Audacity version 3.1 has been released with some important changes. Audacity is continuing its progression toward non-destructive editing and one of those changes is in version 3.1. In this video, I talk about 4 new features in Audacity version 3.1:
I also teach a best-selling course at Udemy called Audacity Bootcamp: Beginner to Advanced. It’s currently 61 videos and 7+ hours of on-demand instruction in Audacity specifically designed for podcasters. If you’re a podcaster looking for a deep dive into Audacity, this course is for you. Check it out when you get a chance.
Audacity offers a powerful and free de-clicker plugin for removing unwanted mouth sounds and clicks that show up in your audio recording. This de-clicker plugin has become part of my post-production process for everything I record. Sticky mouth sounds in our recordings can quickly become annoying to the listener. There have been instances where I have stopped watching a video simply because the dry mouth sounds were so prominent. So let’s see what Audacity’s de-clicker plugin can do to eliminate those pesky sounds.
Audacity has announced the release of a new version. Audacity version 3.0.4 was released on August 24th. It’s a hotfix which means it was released to fix bugs in the previous version. There was a problem in version 3.0.3 with control points when using the Filter Curve and Graphic EQ effects. With this release I also got to test the update notification that was part of the version 3.0.3 update and I’m happy to say it works!
In this video I’m going to show you how to start GarageBand without opening the last project you worked on. If you use GarageBand you already know that when you start it each time, it opens the last project by default. But you may not want that to happen each time. In this video I show you how to get around that and open GarageBand to a blank screen.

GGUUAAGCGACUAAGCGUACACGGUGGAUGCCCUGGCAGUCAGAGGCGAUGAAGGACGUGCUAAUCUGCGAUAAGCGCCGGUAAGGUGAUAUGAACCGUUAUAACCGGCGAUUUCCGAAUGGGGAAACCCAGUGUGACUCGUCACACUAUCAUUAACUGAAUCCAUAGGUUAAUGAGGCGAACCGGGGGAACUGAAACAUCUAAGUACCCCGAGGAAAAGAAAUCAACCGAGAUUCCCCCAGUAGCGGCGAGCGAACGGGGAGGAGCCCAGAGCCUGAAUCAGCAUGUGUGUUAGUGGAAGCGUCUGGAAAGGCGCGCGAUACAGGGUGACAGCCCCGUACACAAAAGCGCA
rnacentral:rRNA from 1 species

Welcome to First Person Audio. In this video I take a look at the Rode NT-USB-Mini microphone and its associate recording software, RodeConnect. This little condenser mic has a cardioid pattern and is rugged with an all metal construction, making it a great choice for on-the-road travels and quick setup. While it’s a USB mic that can be used with any DAW, I coupled it with the RodeConnect software in this video for the purpose of demonstrating both the mic and the software that’s specifically designed for this mic. The first time you connect the Rode NT-USB-Mini mic to the Rode software, it prompts you to do a firmware upgrade on the mic. The reason it does this is to add an internal noise gate, compressor, exciter, and and low-pass filter to the mic itself, all of which can be controlled in the RodeConnect software. I paid for this mic out-of-pocket and I’m not associated with RRode in any way. Here’s some links for you:
Welcome to this inaugural video of the newly rebranded First Person Audio YouTube channel. This is the channel formerly known as The Audacity Bootcamp. In this video I do a short review of the Pixel Professional Lavalier Lapel Microphone for iPhone/iPad. I’m always on the lookout for a good lapel mic and when I come across one that was made for the iPhone and/or iPad, my interest was peaked.
This Pixel lavalier mic is a high quality mic with metal construction and a braided cord. I bought the one with the 9 foot cord. It actually says 9.8 feet. I demo this mic plugged into my iPhone 11. Something’s going on with my iPhone because I’m hearing a little bit of static every now and then. It isn’t coming from the mic because I can hear it on recordings with no mic attached. The quality of this mic will be very obvious once I unplug it and talk to you using the mic on my iPhone. Other than loudness leveling and cleaning up a few mouth sounds, I did no post production on the audio to give you a good sample of what it sounds like out of the box.